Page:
Members of Congress and, sadly, members of the Federal Reserve Board of Governors seem to think in terms of a standard time horizon of about three days.
From the perspective of our government, “long-term financial planning” might involve buying milk that will expire four weeks from now, as opposed to next week. Or possibly building a truly enormous of what they call “savings” — enough cash on hand to, say, buy three lottery tickets a week from now.
The latest national health expenditures forecast put the short-term nature of our government’s thinking in ultraviolet neon lights with a prediction that the slowest-growing health care spending item in the projections will “noncommercial research.” Spending may have fallen 2.1 percent in 2013, to $47 billion. It might increase just 0.1 percent this year, then fall 1.7 percent in 2015. It’s supposed to increase a little in 2019 and 2023 but still be the slowest-growing item in those two years.
Putting the brakes on noncommercial medical research is a terrible thing to do to long-term care insurance (LTCI) issuers, their producers and their customers.
The Fed does what it can to strangle LTCI because, hey, who cares about the future. In the future we’ll all be dead.
The Obama administration does what it can to smother the private LTCI community because it made a fuss about the likelihood that the CLASS Act voluntary LTC benefits program would not work. Obama administration officials eventually recognized that the LTCI community was right, but their attitude still seems to be, “Who cares if the CLASS Act was doomed. Ted Kennedy was a great man, you lousy low lifes.”
Now, skimping on medical research is hurting LTCI issuers’ secret, erratic claim-reducing weapon: The possibility that someone could come up with a cure for Alzheimer’s, or a vaccine for preventing Alzheimer’s, and make all of the current worries about aging boomers and iffy actuarial assumptions irrelevant. In a world in which scientists cured Alzheimer’s, all LTCI pricing actuaries would look clairvoyant.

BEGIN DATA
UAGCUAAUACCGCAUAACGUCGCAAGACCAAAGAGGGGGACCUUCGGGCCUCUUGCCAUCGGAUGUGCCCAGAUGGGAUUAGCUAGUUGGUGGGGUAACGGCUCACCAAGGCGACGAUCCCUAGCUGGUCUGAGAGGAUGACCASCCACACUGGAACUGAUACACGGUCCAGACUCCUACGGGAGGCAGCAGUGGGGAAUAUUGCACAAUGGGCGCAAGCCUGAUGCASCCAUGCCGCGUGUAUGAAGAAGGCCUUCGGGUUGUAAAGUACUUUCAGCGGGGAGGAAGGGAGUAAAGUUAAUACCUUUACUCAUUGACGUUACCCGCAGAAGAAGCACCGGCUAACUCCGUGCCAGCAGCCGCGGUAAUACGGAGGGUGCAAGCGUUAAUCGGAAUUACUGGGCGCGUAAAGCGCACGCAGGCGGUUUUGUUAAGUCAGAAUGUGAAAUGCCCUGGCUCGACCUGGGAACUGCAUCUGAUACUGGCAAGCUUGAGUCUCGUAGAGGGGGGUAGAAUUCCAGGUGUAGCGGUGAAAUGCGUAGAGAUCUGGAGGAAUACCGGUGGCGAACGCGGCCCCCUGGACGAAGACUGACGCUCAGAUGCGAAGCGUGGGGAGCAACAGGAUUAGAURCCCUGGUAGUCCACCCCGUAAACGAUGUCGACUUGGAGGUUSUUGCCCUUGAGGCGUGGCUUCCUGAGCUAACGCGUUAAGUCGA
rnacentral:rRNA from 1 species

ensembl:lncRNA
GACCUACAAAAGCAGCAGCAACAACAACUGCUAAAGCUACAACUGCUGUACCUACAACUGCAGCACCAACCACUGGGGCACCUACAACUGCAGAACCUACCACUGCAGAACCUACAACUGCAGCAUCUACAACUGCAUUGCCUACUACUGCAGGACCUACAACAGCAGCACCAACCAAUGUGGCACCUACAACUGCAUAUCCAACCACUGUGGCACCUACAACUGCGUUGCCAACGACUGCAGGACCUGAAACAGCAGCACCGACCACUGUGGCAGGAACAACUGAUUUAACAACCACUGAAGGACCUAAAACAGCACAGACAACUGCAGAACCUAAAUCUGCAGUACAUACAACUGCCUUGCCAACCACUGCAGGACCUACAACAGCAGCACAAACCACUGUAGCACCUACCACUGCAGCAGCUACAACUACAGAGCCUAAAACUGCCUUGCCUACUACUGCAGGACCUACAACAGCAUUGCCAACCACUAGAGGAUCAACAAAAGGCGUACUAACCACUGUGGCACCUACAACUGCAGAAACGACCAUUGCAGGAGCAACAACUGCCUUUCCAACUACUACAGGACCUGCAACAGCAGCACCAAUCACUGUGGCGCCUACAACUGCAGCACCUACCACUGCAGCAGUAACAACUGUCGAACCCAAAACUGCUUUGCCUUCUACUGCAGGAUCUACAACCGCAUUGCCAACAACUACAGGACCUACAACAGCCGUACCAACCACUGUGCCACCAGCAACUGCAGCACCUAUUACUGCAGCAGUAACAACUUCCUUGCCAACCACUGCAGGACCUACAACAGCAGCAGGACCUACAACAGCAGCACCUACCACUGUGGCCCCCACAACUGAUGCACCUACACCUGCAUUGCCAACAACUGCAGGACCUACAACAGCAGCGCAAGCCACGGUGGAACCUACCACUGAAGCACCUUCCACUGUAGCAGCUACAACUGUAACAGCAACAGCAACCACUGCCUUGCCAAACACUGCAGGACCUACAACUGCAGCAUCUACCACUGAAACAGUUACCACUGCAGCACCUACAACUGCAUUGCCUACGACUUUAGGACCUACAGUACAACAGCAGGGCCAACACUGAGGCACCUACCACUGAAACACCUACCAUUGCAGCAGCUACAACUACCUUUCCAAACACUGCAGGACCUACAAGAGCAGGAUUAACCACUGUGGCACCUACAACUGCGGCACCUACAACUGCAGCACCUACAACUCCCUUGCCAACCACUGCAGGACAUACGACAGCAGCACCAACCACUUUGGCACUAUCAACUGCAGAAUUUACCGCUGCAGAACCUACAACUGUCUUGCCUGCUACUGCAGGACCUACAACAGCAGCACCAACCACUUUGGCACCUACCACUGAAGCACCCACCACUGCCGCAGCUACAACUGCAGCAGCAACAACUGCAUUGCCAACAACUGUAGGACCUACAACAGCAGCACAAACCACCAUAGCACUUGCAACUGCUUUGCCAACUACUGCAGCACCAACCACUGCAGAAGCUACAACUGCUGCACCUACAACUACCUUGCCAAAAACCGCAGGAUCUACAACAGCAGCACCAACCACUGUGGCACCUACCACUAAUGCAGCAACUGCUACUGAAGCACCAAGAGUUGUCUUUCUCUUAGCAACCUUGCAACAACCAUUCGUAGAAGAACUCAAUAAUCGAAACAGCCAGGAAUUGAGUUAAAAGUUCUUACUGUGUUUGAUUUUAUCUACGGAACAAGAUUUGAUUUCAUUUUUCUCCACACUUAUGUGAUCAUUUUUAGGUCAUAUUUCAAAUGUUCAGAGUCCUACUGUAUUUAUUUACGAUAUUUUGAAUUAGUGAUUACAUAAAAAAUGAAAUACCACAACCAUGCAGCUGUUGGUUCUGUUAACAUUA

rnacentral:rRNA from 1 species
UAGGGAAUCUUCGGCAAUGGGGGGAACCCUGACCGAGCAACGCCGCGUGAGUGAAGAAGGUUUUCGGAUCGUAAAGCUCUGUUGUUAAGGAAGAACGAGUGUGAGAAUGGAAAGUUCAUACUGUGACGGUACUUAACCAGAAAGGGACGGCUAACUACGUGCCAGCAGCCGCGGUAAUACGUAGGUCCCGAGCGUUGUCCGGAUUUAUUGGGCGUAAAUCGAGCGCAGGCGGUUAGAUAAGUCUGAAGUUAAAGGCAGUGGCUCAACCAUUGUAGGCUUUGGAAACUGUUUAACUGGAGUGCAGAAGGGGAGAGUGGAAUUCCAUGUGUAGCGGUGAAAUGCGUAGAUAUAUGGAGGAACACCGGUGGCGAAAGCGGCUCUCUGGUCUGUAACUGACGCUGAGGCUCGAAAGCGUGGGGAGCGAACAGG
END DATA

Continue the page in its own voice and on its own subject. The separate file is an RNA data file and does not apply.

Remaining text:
Companies have recently developed huge new gene sequencing machines that can discover and profile vast colonies of microbes that live inside people and influence us in surprising ways. The sequencing machines and other new tools could be the key to figuring out what causes conditions like Alzheimer’s and preventing them. Researchers are also looking into the effects of all sorts of natural and artificial substances on dementia.
Of course, U.S. spending on dementia research is on track to increase. President Obama supports increasing dementia research spending and dementia research spending has strong support in Congress. No one in Congress is campaigning based on loud arguments about how great it would be to cut dementia research spending.
But, given that no one knows what causes Alzheimer’s, no one knows which research projects have the best chance of helping us find cures. The research that leads to the tour could focus on fights between amoebas, frogs’ sense of smell or the causes of indigestion.
Meanwhile, bright kids who are choosing between careers in science and careers in investment banking are usually thinking in terms of “doing some kind of medical research,” not in terms of doing dementia research. If potential star dementia fighters see their instructors having trouble getting research grants, they might not stop to find out whether those researchers were looking for grants in the highly desirable dementia sector or some washed up, has-been sector. They’ll just delete the bookmark to the biology doctorate program and click to open the application for the MBA program.